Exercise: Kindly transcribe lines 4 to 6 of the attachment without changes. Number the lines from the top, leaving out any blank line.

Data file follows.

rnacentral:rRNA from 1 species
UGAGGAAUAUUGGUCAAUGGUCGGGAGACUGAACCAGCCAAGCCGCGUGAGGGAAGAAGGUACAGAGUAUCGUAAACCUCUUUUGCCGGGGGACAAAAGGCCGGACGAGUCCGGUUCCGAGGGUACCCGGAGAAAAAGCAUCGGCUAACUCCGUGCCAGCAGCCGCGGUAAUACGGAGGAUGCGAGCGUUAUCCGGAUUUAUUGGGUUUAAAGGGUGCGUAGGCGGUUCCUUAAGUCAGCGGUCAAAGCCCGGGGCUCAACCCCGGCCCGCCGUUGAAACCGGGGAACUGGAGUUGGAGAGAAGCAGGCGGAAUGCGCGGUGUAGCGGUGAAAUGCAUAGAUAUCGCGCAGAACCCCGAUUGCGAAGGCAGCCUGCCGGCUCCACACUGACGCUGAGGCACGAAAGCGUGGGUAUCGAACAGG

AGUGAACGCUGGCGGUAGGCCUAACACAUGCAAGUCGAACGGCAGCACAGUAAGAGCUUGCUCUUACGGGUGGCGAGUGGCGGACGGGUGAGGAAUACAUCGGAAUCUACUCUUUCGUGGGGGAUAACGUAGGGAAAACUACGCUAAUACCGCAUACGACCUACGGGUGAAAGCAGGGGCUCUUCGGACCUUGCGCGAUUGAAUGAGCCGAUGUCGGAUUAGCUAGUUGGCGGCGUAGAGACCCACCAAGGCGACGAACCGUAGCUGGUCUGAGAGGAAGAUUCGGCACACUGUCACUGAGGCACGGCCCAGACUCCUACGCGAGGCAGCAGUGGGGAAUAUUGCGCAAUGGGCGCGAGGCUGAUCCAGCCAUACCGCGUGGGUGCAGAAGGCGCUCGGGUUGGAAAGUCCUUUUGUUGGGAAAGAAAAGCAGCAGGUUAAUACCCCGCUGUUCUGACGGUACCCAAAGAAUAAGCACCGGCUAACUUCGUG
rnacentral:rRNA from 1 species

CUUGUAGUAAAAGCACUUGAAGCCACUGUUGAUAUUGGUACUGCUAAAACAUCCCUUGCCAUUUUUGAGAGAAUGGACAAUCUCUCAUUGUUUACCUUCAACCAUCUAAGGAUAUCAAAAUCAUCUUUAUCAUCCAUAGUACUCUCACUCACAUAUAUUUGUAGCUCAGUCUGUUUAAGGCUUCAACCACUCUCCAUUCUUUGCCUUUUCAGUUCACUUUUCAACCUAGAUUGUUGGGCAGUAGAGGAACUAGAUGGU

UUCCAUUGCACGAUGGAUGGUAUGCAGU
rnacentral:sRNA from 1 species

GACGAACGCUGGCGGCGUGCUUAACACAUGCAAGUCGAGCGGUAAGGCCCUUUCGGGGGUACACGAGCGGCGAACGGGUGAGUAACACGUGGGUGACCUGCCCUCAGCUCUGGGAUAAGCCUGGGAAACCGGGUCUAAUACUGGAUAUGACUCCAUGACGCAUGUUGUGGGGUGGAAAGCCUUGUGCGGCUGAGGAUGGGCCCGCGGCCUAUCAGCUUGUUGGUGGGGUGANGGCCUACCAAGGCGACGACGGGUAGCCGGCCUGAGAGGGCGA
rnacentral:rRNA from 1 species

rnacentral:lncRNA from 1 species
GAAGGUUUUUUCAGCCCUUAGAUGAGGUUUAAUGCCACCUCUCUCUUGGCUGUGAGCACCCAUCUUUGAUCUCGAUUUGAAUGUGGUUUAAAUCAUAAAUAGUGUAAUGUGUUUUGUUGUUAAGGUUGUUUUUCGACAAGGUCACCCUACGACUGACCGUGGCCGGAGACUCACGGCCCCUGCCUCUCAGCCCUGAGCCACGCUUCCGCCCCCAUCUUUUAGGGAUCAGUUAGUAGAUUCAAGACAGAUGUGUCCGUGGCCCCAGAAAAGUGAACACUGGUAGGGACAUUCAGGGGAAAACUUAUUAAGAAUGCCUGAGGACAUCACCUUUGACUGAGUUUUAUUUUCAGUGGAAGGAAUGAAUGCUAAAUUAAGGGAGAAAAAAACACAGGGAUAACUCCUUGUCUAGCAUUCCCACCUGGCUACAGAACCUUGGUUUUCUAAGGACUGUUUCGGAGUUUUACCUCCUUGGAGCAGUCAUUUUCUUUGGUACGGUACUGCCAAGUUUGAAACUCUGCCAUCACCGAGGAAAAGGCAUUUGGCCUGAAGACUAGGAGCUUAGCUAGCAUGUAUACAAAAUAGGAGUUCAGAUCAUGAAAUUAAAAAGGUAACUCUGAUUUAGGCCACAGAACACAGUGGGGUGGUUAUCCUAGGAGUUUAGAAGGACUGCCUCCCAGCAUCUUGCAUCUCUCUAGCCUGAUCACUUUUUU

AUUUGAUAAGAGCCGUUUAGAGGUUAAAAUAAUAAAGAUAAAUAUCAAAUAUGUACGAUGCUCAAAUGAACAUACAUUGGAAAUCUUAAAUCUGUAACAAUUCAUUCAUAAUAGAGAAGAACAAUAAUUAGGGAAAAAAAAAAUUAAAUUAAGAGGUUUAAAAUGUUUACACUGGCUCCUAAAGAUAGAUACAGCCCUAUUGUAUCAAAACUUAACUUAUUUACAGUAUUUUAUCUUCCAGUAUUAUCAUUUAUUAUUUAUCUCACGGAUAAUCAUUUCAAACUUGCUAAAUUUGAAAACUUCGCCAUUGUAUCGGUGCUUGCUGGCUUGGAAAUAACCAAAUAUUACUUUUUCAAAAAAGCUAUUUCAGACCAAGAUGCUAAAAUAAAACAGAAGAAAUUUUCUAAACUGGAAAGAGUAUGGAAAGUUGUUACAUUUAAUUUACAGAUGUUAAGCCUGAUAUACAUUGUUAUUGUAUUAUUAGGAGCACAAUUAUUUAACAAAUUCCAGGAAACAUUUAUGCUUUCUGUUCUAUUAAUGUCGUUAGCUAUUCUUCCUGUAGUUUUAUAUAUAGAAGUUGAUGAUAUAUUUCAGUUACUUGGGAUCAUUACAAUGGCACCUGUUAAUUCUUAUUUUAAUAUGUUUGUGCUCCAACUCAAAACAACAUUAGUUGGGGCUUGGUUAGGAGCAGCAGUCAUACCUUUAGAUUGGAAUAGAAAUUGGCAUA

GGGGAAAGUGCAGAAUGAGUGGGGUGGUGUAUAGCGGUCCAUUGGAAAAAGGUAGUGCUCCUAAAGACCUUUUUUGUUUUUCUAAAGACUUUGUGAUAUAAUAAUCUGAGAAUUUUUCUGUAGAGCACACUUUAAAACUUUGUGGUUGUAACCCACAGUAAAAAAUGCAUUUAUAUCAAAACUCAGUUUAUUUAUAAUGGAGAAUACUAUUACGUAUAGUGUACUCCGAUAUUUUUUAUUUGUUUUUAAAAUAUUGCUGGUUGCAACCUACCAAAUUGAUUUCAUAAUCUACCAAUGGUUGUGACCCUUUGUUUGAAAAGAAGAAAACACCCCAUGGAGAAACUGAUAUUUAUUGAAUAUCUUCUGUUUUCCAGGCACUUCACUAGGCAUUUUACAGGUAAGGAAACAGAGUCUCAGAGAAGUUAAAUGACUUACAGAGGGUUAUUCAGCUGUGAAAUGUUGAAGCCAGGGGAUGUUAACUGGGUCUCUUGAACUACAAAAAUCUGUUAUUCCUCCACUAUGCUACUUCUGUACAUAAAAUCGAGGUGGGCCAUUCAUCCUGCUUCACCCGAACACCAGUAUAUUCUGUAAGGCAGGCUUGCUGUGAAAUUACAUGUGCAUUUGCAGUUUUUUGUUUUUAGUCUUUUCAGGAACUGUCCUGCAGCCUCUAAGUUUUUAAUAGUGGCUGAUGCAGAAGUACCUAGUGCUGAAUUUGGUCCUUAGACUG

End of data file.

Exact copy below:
rnacentral:rRNA from 1 species

CUUGUAGUAAAAGCACUUGAAGCCACUGUUGAUAUUGGUACUGCUAAAACAUCCCUUGCCAUUUUUGAGAGAAUGGACAAUCUCUCAUUGUUUACCUUCAACCAUCUAAGGAUAUCAAAAUCAUCUUUAUCAUCCAUAGUACUCUCACUCACAUAUAUUUGUAGCUCAGUCUGUUUAAGGCUUCAACCACUCUCCAUUCUUUGCCUUUUCAGUUCACUUUUCAACCUAGAUUGUUGGGCAGUAGAGGAACUAGAUGGU

UUCCAUUGCACGAUGGAUGGUAUGCAGU